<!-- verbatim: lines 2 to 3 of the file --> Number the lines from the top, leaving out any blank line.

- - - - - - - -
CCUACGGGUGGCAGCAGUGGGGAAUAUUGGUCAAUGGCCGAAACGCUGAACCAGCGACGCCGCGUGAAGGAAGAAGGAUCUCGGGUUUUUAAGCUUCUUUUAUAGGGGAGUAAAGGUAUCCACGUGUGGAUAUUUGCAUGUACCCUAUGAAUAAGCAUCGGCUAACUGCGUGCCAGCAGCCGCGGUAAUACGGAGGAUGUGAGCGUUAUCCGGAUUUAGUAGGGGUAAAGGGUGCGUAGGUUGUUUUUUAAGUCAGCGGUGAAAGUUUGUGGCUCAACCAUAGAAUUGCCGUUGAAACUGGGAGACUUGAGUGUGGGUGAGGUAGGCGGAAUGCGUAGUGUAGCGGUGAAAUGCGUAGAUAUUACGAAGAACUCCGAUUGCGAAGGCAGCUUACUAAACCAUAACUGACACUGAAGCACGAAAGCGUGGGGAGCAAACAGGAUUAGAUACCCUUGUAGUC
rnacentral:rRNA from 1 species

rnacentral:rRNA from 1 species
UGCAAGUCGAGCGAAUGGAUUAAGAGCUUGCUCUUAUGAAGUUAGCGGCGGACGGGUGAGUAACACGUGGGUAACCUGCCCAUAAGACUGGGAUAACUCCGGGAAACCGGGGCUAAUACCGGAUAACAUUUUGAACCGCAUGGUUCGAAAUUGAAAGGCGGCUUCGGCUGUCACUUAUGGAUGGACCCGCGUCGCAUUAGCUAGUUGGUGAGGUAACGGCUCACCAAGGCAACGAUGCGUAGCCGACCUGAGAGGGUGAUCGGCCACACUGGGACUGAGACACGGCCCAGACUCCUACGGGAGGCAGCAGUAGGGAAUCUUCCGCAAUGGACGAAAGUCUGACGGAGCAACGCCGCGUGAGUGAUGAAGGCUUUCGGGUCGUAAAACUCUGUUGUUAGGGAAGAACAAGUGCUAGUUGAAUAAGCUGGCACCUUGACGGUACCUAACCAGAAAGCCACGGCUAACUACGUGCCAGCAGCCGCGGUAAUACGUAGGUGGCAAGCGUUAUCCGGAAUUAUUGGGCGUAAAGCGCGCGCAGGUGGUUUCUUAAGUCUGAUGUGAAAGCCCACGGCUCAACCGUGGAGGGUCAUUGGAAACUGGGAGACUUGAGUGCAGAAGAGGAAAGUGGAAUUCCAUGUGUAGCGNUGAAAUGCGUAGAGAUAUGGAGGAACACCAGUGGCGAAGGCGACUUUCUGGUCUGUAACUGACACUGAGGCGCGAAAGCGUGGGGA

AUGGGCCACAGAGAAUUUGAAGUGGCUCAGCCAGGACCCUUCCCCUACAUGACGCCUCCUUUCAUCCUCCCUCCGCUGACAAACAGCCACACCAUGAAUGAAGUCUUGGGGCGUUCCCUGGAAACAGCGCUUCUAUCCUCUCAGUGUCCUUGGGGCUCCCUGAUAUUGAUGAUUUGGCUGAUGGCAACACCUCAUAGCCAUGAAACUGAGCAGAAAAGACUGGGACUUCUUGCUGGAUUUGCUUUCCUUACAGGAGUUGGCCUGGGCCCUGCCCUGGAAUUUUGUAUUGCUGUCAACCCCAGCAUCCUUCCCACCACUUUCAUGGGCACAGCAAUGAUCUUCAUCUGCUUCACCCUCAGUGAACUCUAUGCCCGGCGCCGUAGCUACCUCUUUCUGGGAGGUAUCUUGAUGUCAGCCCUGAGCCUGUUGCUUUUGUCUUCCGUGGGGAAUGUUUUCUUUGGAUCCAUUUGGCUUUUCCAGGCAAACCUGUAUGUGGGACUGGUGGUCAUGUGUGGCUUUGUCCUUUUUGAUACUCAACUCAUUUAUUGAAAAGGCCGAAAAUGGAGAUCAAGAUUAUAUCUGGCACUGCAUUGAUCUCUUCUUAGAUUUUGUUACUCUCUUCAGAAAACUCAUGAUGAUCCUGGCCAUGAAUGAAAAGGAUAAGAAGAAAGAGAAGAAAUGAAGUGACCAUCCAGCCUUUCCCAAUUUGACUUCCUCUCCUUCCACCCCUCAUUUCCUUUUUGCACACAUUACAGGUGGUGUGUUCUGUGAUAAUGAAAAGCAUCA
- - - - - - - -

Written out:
rnacentral:rRNA from 1 species

rnacentral:rRNA from 1 species